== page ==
Sunday, July 12, 2009
Prescriptions for a Lackluster Reya
Outside the Museum of the American Indian on the national mall.
I loved the book, The Secret Garden. I still love the idea that the essence of healing, for the little sickly boy in the story, was a simple, two step process: 1) spend time outdoors in the fresh air, and 2) revive a neglected garden. Eventually the combination of fresh air and gardening cures the sickly boy, the little girl who has been orphaned, and even the father. It is a potent healing. If you've never read the book, by all means check it out. It is a fabulous story.
According to the cosmology of Reya, part of why spending time outdoors is so healing is because we live inside cubes; four walls, a ceiling and a floor. That shape is very stabilizing and feels safe, but what most people need in order to heal (from anything) is to get into situations in which things can change. Disorganize the pathogens, that's the first step in healing. Energy, including illness, tends to hold its shape inside cubes. But anytime you get outside, energy can and will and does shift.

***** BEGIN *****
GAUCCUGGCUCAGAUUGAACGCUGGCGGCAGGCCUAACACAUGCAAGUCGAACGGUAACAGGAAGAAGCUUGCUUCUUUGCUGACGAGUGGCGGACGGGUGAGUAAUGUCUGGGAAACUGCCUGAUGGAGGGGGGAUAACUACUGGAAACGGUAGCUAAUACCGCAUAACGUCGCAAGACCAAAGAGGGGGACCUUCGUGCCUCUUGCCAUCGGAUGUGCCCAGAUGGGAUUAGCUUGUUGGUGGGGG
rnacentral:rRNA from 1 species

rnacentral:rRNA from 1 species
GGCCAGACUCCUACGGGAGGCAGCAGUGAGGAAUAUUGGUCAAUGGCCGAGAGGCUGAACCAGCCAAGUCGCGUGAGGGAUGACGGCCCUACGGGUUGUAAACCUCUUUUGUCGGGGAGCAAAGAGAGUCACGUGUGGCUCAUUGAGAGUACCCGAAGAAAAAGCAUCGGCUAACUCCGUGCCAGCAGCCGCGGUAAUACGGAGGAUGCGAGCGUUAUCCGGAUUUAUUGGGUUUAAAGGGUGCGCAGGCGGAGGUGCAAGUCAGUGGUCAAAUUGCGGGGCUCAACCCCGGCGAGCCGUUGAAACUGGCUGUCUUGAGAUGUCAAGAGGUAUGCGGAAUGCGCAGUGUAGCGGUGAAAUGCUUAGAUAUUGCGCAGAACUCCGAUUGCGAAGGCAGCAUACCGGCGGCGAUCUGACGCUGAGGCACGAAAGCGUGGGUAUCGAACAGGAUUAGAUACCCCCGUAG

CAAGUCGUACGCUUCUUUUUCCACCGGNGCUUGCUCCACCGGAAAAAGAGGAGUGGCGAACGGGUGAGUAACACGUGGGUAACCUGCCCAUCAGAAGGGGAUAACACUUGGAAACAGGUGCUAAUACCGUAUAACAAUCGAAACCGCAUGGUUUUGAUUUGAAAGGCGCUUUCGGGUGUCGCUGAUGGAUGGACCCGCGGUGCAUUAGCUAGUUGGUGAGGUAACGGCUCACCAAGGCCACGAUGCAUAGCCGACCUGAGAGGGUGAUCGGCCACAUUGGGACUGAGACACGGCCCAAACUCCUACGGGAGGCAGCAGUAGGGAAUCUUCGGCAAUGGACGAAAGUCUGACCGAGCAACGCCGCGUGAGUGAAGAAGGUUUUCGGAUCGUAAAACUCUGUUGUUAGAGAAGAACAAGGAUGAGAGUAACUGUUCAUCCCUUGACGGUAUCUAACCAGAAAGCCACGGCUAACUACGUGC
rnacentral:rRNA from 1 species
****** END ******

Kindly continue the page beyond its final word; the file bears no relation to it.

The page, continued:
Once illness (of mind, heart, spirit or body) is disorganized, then there are a whole bunch of things you can do to get yourself back to health. Rest and good food are key components, but I also believe in cultivating emotional/mental states, such as gratitude and compassion. Having fun and laughing really helps, too, as does taking in beauty in the form of music, art, or the face of someone you love. The most complete healing includes forgiveness, a state of grace that I believe is divinely bestowed.
In my own journey of healing from the recent loss of my one and only dog, I've spent a lot of time outdoors. Walking with Tonka, the vigorous young household dog, has been fantastically healing. Yesterday I hung out with a friend who is smart, quirky and soulful, someone who loves to walk around and take pictures. That really helped, too. And I'm trying to be patient, to just let some more time pass, let this thing run its course. Patience is really hard for me.
I'm praying for the forgiveness part to kick in. I'd like to forgive myself for all the mistakes I made with Jake, to let go of everything I might have done better. It would even help if I could forgive myself for still being so sad about his death. I don't want him to be alive again, all old and frail, but this sadness is really kicking my usually cheerful ass. Hey God, could you throw me a bone here?
Wish me luck!
Botanical garden on the Capitol grounds.